What Is a Subdomain and Why Is It Useful?
This post was last updated on September 23, 2022.
As you may know, a domain is the section of a URL that identifies a website. Typically, the entire infrastructure of a site lives under a domain. However, there are circumstances in which a website section becomes so expansive that it affects your user experience and site performance. In those cases, subdomains can come in handy.
This article will explain what a subdomain is, discuss subdomain examples and teach you how to create a subdomain on your own.
What is a subdomain?
A subdomain is a prefix added to a domain name to separate a section of your website. Site owners primarily use subdomains to manage extensive sections that require their own content hierarchy, such as online stores, blogs or support platforms.
Subdomains function as a separate website from its domain. This distinction enables you to develop a section of your website without muddling your site’s overall intent. As a result, you increase your chances to build a niche authority and gain organic traffic.
Regardless of your purpose for creating a subdomain, optimize your string to clearly signal your standalone site’s purpose. Plus, ensure you’re working with an SSL certificate provider that provides subdomain protection.
While choosing a domain name is one of the first steps you’ll make when creating a website, you can create a subdomain at any time. Registering a domain name gives you the rights to unlimited subdomains, including anything from “abc.” to “xyz.”
Subdomains vs. subdirectories
Whereas search engines see a subdomain as separate from its domain, a subdirectory is an organizational folder that nests inside a domain. Separating content under a subdirectory instead of a subdomain shows search engines that it supports the root domain. So, if you have a complex part of your site that complements the whole, a subdirectory would better facilitate your goals than a subdomain.
If a dog adoption agency was doing a special project where they were partnering with a cat adoption agency, they may want to create a subdomain. However, if they were a general pet adoption agency, they may want to create subdirectories for their cat and dog content to signal to Google that these pet adoption types are related.
Now that we’ve answered the question “what is a subdomain,” let’s look at a few examples of when to use a subdomain:
Due to the complexity of online stores, businesses often choose to create a separate site architecture to handle transactions. This distinction allows companies to offer different functionalities than the main site needs or has available. The store.playstation.com subdomain, for example, is a platform where users can purchase games for their consoles.
Online platforms that require an overhaul to perform well on mobile devices usually host their mobile sites under dedicated subdomains. For example, Facebook crafted a distinct interface for its mobile users under m.facebook.com. The company shaped the layout to fit a mobile device’s oblong shape.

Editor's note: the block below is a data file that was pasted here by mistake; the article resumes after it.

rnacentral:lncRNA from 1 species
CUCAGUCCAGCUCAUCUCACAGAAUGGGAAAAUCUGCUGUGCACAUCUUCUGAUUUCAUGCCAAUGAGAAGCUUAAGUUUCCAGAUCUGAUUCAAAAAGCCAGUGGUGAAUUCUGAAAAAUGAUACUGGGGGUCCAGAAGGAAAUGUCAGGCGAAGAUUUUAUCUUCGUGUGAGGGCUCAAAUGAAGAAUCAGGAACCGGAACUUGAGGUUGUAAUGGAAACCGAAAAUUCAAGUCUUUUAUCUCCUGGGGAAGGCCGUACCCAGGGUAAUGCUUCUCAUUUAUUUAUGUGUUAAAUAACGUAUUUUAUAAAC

Subdomains allow businesses to create unique sites targeting distinct audiences and even password-protect them if needed. While most Lyft users dwell in the ride.lyft.com subdomain, those interested in the company’s self-driving initiative can visit the autonomous.lyft.com subdomain.
Because blogs often target topics and keywords not directly related to the rest of the site, you might consider situating your blog on a subdomain. The Library of Congress massive site caters to a different audience than its blogs. So, blogs.loc.gov hosts hundreds of articles on a different interface where readers can browse and search for their desired content.
When Frequently Asked Question pages don’t thoroughly answer all customer questions, site owners can create a dedicated support platform under a subdomain. This organization can make the platform easy to navigate and better optimized for search engines.
A quick glance at support.apple.com shows that the platform’s subdomain has a unique, carefully-designed and complex structure that addresses users in need of assistance.
Sites that craft extensive, highly-branded content for certain subjects often choose to work with dedicated subdomains. Products, films, teams and publications with divergent content might use subdomains to distinguish their brands from the umbrella organizations.
As one would expect, the content found on The New York Times functions drastically different from the content found on NYT Cooking (cooking.nytimes.com). Separating the content allows each brand to signal its own authority to search engines.
Creating independent subdomains for each language enables organizations to keep their web addresses clear and cohesive. For example, Wikipedia has a separate subdomain for each language. Interestingly, the es.wikipedia.org homepage differs not only in language from the en.wikipedia.org homepage but also in content.
Due to the intricacy of online community building, forum creators commonly use dedicated subdomains. Take wordreference.com: the root domain stands as a bilingual dictionary. However, forum.wordreference.com is a place for users to ask questions and discuss the meaning and proper use of terms and phrases that have yet to make it into the root dictionary.
Amazon created a subdomain for their AmazonSmile initiative. Whenever a user shops on smile.amazon.com, Amazon donates 0.5% of eligible purchases to the charity of the user’s choice.
How to create a subdomain
Before you set up your subdomain, you’ll need to register a domain name. If you already have one, follow the steps below:
Go to the Domains page.
Click Connect a domain you already own.
Select the site you want to connect, then click Next.
Click “connect a subdomain” at the bottom of your screen.
Enter the subdomain you want to connect (e.g. blog.mystunningwebsite.com).
By Emily Shwake
Wix Blog Writer